Q4 Earnings Preview: Setting The Tone For 2022 (Part 1)
Biopharma will outline its growth goals for 2022 over the coming weeks, with J&J, Novartis, AbbVie, Merck, Roche, Biogen and Lilly among the first to report.
The end-of-the-year sales and earnings calls starting on 25 January could be a better platform for industry to set the outlook for 2022 after the year’s slow start with another virtual J.P. Morgan Healthcare conference lacking the sparks the live meeting is known for, and yet another wave of COVID-19 in many regions of the world.
The year is expected to present headwinds as usual, both from the continued pressure of COVID-19 and, in many cases, loss of exclusivity of important brands. But there are also plenty of new opportunities coming from new drug launches, leadership changes and what investors hope will be active deal-making. Here are some of the developments Scrip will be following as the first round of companies report. [Editor’s note: Stay tuned for Part 2, which will cover companies reporting later.]
A Quarterly Debut For J&J's New CEO
Johnson & Johnson CEO Joaquin Duato will be presiding over his first sales and earnings call as chief executive on 25 January, having taken over the top spot from Alex Gorsky at the start of the new year. Duato, who has a long tenure at J&J and was previously vice chairman, already had an opportunity at J.P. Morgan to outline some of his plans to carry on with the growth strategy already in place at J&J. (Also see "J&J CEO Gorsky Handing Over The Reins To Vice Chairman Duato" - Scrip, 20 Aug, 2021.)
While the company is preparing to separate its consumer health business from its pharmaceutical and medical device businesses, Duato indicated the company is expected to remain a three-sector business through the rest of 2022.
Within pharmaceuticals, the near-term focus will be on ramping up recent drug launches, including Ponvory (ponesimod) for multiple sclerosis and Rybrevant (amivantamab) for non-small cell lung cancer, as well as preparing for the anticipated approval of Carvykti (ciltacabtagene autoleucel), the cell therapy for multiple myeloma partnered with Legend Biotech Corp.. The US Food and Drug Administration action date was delayed by three months until February, and J&J has big ambitions for the product.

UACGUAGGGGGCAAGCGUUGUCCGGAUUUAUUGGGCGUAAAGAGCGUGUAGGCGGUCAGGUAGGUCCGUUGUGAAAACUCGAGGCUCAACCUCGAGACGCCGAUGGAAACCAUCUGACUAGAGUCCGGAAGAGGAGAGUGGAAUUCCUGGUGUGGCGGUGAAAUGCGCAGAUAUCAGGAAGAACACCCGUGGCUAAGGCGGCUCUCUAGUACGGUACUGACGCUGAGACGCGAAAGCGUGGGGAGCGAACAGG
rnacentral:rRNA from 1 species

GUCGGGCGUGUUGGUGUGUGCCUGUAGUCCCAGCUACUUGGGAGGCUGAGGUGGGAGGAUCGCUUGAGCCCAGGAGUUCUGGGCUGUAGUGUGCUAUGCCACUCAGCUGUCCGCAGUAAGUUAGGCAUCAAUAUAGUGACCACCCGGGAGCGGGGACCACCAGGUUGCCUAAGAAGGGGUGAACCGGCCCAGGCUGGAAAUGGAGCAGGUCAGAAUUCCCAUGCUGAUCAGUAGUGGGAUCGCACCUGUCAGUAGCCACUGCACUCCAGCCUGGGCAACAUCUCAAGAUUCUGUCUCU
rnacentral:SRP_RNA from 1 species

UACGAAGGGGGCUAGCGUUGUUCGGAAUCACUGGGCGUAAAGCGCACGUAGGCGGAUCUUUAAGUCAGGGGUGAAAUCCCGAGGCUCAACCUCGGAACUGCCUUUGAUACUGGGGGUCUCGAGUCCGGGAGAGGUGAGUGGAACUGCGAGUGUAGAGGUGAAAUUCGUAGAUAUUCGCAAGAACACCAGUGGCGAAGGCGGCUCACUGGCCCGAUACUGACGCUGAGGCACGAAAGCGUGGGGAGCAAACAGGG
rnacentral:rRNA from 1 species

During an R&D overview last year, J&J said Carvykti is one of several new drugs that could reach peak sales of $5bn. For now, investors will be wondering about the early launch plans, given that an industry-wide shortage of a crucial viral vector used to deliver cell and gene therapies has impacted the capacity of rival cell therapies. J&J has said it is working to ramp up its own internal manufacturing capacity. (Also see "No Way To Go But Grow: J&J Outlines Plans To Become A $60bn Pharma In 2025" - Scrip, 18 Nov, 2021.)
Reaction To CMS' Draft NCD On Alzheimer's Drugs
Industry has now had some time to digest the US Centers for Medicare and Medicaid Services’ (CMS) draft proposal to pay for amyloid-directed monoclonal antibody drugs for Alzheimer's disease only when they are used in randomized controlled clinical trials. The draft national coverage determination was released on 11 January, casting a shadow over the reimbursement prospects for those drugs.
The fourth quarter earnings calls could provide an opportunity to hear more from company execs about the potential near- and long-term implications of the draft NCD. It will have an impact on key players initially, but it could also have broader implications for the industry long term, if CMS were to implement those kinds of reimbursement decisions more regularly.
Biogen, Inc. is most heavily impacted by the NCD initially because its Alzheimer's drug Aduhelm (aducanumab) has been on the market since June and sparked the agency's coverage review. But other drug developers, including Eli Lilly and Company and Roche Holding AG, which both have amyloid antibodies in late-stage development, could also be impacted. (Also see "Lilly Braces For Impact Of CMS Draft Coverage Decision On Biogen’s Aduhelm" - Scrip, 11 Jan, 2022.) Reaction from the industry more broadly on the big Medicare decision will also be of interest to investors, especially if it should increase uncertainty in the already challenging environment for drug development.
The underwhelming launch of Aduhelm has put Biogen in a precarious position, since it is already facing pressure from the loss of Tecfidera (dimethyl fumarate) sales to generic competition. The company will be pressed during its 3 February conference call on plans for cost-cutting and lay-offs in 2022.